Louise Fletcher, whose Oscar-winning performance as the sadistic Nurse Ratched in 1975’s One Flew Over the Cuckoo’s Nest gave Hollywood one of its greatest all-time villains and provided the culture with a portrait of bureaucratic evil so indelible that the character’s last name could carry a TV series 45 years later, has died at her home in Montdurausse, France. She was 88.
Her death was announced to Deadline by her family. Although no cause was specified, a family member said she passed away in her sleep at the home she had built from a 300-year-old farmhouse, surrounded by family.
Although forever linked with her most famous character, Fletcher enjoyed an acting career that spanned more than 60 years and included numerous performances in both television and on film. On Star Trek: Deep Space Nine, she had a recurring role as the Bajoran religious leader Kai Winn Adami, and guest-starring roles on Picket Fences and Joan of Arcadia brought Emmy nominations in 1996 and 2004, respectively.
Born July 22, 1934, in Birmingham, Alabama, to deaf parents – she used sign language in her Academy Award acceptance speech, one of Oscar’s most memorable moments – Fletcher began her acting career in the late 1950s on such episodic TV series as Lawman, Bat Masterson, Maverick, The Untouchables and 77 Sunset Strip.
Similar roles followed at a steady clip throughout the 1960s, with appearances on Sugarfoot, Perry Mason and The Life and Legend of Wyatt Earp. She appeared on film in 1963’s A Gathering of Eagles and, more fortuitously, in 1974’s Thieves Like Us, directed by Robert Altman. It was her performance in the latter film that drew the interest of director Miloš Forman, who was in the process of casting his film adaptation of a 1962 Ken Kesey novel set in a mental institution and focusing on the conflict between a man feigning insanity to avoid prison and the domineering head nurse who demands conformity and obedience at all costs.
With Jack Nicholson set to star as the headstrong anti-hero patient Randle McMurphy, Foreman spent the better part of a year looking for a potential co-star who could hold her own against the actor, then riding high from the success of Chinatown. The director reportedly made offers to, among others, Colleen Dewhurst, Ellen Burstyn, Anne Bancroft and Geraldine Page before deciding he had found his tyrannical Mildred Ratched in Fletcher.
One Flew Over the Cuckoo’s Nest was an immediate critical and box office hit, and would sweep the year’s Oscars by winning the awards for Best Picture, Best Director, Best Leading Actor, Best Leading Actress and, for the work of Lawrence Hauben and Bo Goldman, Best Screenplay.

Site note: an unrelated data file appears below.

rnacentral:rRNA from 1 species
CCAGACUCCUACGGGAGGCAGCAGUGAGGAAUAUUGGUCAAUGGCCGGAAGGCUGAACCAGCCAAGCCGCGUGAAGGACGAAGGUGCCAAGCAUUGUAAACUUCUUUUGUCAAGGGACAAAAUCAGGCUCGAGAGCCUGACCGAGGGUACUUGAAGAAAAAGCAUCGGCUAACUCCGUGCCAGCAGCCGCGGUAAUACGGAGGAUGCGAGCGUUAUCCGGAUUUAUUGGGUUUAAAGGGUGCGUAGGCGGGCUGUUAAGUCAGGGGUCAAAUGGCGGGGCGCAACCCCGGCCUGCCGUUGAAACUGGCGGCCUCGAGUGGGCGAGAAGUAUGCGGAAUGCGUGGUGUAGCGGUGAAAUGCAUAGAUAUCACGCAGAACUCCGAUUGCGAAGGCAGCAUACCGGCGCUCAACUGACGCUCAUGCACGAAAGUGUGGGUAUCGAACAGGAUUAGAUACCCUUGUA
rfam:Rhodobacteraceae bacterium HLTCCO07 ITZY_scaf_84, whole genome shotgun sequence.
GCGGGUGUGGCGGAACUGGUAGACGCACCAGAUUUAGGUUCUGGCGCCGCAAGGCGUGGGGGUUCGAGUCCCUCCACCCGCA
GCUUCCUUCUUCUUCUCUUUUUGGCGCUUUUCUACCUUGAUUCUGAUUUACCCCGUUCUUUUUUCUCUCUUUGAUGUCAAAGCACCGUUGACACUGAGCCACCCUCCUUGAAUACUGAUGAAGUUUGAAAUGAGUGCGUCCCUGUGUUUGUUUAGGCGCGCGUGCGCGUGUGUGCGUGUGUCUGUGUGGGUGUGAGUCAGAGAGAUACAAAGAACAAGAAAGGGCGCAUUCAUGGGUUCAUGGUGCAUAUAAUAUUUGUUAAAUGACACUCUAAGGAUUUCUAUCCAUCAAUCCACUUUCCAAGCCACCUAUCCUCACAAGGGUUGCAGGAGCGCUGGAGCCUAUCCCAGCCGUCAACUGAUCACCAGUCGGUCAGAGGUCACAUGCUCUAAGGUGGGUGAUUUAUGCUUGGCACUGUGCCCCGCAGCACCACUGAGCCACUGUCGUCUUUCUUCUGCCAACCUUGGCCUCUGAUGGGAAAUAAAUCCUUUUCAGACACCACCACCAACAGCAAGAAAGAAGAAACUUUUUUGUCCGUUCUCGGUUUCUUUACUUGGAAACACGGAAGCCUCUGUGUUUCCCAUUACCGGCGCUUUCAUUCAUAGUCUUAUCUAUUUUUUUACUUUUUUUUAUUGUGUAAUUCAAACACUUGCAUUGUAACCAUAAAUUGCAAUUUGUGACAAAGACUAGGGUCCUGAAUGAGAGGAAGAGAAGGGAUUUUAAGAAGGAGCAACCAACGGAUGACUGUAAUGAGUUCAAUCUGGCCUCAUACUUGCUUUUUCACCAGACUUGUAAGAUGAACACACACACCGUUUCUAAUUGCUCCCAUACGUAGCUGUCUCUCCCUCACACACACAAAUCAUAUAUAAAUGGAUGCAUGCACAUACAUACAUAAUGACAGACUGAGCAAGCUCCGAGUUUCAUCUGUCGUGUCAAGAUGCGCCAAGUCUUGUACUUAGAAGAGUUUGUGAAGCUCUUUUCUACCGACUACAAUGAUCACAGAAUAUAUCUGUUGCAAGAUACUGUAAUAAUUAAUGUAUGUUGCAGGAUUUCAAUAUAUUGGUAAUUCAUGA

Watch Fletcher’s Oscar acceptance speech below.
In winning her Oscar, Fletcher became only the third woman to win the Academy Award, the BAFTA Award and the Golden Globe Award for a single performance. So indelible was her portrayal that in 2020, the Ryan Murphy-Evan Romansky Netflix series Ratched – a prequel of sorts to the novel and film, with Sarah Paulson in the starring role – would need only the single-word title to evoke the sense of dread and cruelty conveyed by Fletcher decades earlier.
The impact of the Oscar win was, she later recalled, exhilarating but fleeting. In a 1995 interview with The New York Times, she advised that year’s winners to “Just enjoy it; it’ll make you wonderfully happy for a night. But don’t expect that it’ll do anything for your career.”
“I got the Oscar when I was 41,” said Fletcher, then 60. “If I was 23, it would have been hard to deal with. Hell, at my age it was hard to deal with. It was like being thrown an explosive.”
In the same interview, she recalled a prophetic comment made backstage on Oscar night by the Czech-born Foreman. “Milos said, ‘Now we’re all going to make flops.’ It was true. I made The Heretic – the second Exorcist – and it was a huge flop. Milos did Ragtime. And Jack did Missouri Breaks. That’s Czech prophecy.”
Exorcist II: The Heretic (1977) ushered in a string of high-profile but less-than-successful films: The Cheap Detective (1978), The Lady in Red (1979), Brainstorm (1983), Blue Steel (1990), and Cruel Intentions (1999), among others. In a more memorable role, she played the Ratched-esque mother of Karen and Richard Carpenter in the 1989 TV-movie The Karen Carpenter Story.
A career revival began just a few years later when, in 1993, she landed the recurring role of the devious Bajoran religious leader Kai Winn Adami on Star Trek: Deep Space Nine. In 1996 she guested on Picket Fences as yet another cold-as-ice character, playing the estranged mother of the town mayor (portrayed by deaf actor Marlee Matlin). As a woman who rejected her deaf daughter, Fletcher earned an Emmy nomination.
Fletcher was nominated for another Emmy for her 2004 appearance as an elderly music teacher on Joan of Arcadia.
Subsequent TV roles included appearances on 7th Heaven, Private Practice and, from 2011-12, Shameless, in which she memorably recurred as the meth-cooking jailbird mother of William H. Macy’s Frank Gallagher. Her final TV credit was in the 2017 Netflix comedy Girlboss.
Fletcher was married to film producer Jerry Bick from 1959 until their divorce in 1977. She is survived by sons John and Andrew Bick; granddaughter Emilee Kaya Bick; sister Roberta Ray and brother-in-law Edward Ray; and 10 nieces and nephews.
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